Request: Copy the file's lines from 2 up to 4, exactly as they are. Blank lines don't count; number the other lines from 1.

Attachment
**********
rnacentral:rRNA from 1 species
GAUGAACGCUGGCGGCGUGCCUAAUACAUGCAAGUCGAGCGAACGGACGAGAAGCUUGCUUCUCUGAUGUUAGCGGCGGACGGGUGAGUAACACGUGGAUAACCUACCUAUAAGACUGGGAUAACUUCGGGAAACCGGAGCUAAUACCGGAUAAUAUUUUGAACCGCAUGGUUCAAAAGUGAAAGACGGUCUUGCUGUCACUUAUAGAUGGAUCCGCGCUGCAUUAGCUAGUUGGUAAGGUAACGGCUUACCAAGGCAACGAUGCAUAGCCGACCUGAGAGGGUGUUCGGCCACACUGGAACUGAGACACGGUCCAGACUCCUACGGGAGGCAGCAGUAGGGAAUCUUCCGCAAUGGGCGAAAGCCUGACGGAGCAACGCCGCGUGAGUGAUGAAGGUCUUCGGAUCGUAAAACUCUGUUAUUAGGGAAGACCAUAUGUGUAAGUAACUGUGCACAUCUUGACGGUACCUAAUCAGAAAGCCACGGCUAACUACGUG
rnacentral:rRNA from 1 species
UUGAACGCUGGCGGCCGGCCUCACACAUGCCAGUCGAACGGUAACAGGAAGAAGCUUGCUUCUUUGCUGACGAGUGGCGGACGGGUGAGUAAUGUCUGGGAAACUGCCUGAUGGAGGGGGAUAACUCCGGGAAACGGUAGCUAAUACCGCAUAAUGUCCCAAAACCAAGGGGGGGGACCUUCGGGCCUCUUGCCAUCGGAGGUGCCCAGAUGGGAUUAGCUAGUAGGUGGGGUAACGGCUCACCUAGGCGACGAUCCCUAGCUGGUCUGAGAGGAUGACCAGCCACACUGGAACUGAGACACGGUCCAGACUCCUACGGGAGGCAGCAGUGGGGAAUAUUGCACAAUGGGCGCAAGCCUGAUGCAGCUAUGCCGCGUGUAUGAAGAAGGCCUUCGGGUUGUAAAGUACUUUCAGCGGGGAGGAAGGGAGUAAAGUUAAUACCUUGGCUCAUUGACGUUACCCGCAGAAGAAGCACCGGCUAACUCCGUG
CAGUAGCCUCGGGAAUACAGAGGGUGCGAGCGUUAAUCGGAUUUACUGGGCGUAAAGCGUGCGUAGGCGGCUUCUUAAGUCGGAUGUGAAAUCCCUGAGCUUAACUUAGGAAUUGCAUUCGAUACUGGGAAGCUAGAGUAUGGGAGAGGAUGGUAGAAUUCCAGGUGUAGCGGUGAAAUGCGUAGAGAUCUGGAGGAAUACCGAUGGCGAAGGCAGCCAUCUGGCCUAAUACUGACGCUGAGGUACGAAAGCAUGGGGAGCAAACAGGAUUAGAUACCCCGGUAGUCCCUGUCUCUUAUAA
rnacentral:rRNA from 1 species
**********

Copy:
GAUGAACGCUGGCGGCGUGCCUAAUACAUGCAAGUCGAGCGAACGGACGAGAAGCUUGCUUCUCUGAUGUUAGCGGCGGACGGGUGAGUAACACGUGGAUAACCUACCUAUAAGACUGGGAUAACUUCGGGAAACCGGAGCUAAUACCGGAUAAUAUUUUGAACCGCAUGGUUCAAAAGUGAAAGACGGUCUUGCUGUCACUUAUAGAUGGAUCCGCGCUGCAUUAGCUAGUUGGUAAGGUAACGGCUUACCAAGGCAACGAUGCAUAGCCGACCUGAGAGGGUGUUCGGCCACACUGGAACUGAGACACGGUCCAGACUCCUACGGGAGGCAGCAGUAGGGAAUCUUCCGCAAUGGGCGAAAGCCUGACGGAGCAACGCCGCGUGAGUGAUGAAGGUCUUCGGAUCGUAAAACUCUGUUAUUAGGGAAGACCAUAUGUGUAAGUAACUGUGCACAUCUUGACGGUACCUAAUCAGAAAGCCACGGCUAACUACGUG
rnacentral:rRNA from 1 species
UUGAACGCUGGCGGCCGGCCUCACACAUGCCAGUCGAACGGUAACAGGAAGAAGCUUGCUUCUUUGCUGACGAGUGGCGGACGGGUGAGUAAUGUCUGGGAAACUGCCUGAUGGAGGGGGAUAACUCCGGGAAACGGUAGCUAAUACCGCAUAAUGUCCCAAAACCAAGGGGGGGGACCUUCGGGCCUCUUGCCAUCGGAGGUGCCCAGAUGGGAUUAGCUAGUAGGUGGGGUAACGGCUCACCUAGGCGACGAUCCCUAGCUGGUCUGAGAGGAUGACCAGCCACACUGGAACUGAGACACGGUCCAGACUCCUACGGGAGGCAGCAGUGGGGAAUAUUGCACAAUGGGCGCAAGCCUGAUGCAGCUAUGCCGCGUGUAUGAAGAAGGCCUUCGGGUUGUAAAGUACUUUCAGCGGGGAGGAAGGGAGUAAAGUUAAUACCUUGGCUCAUUGACGUUACCCGCAGAAGAAGCACCGGCUAACUCCGUG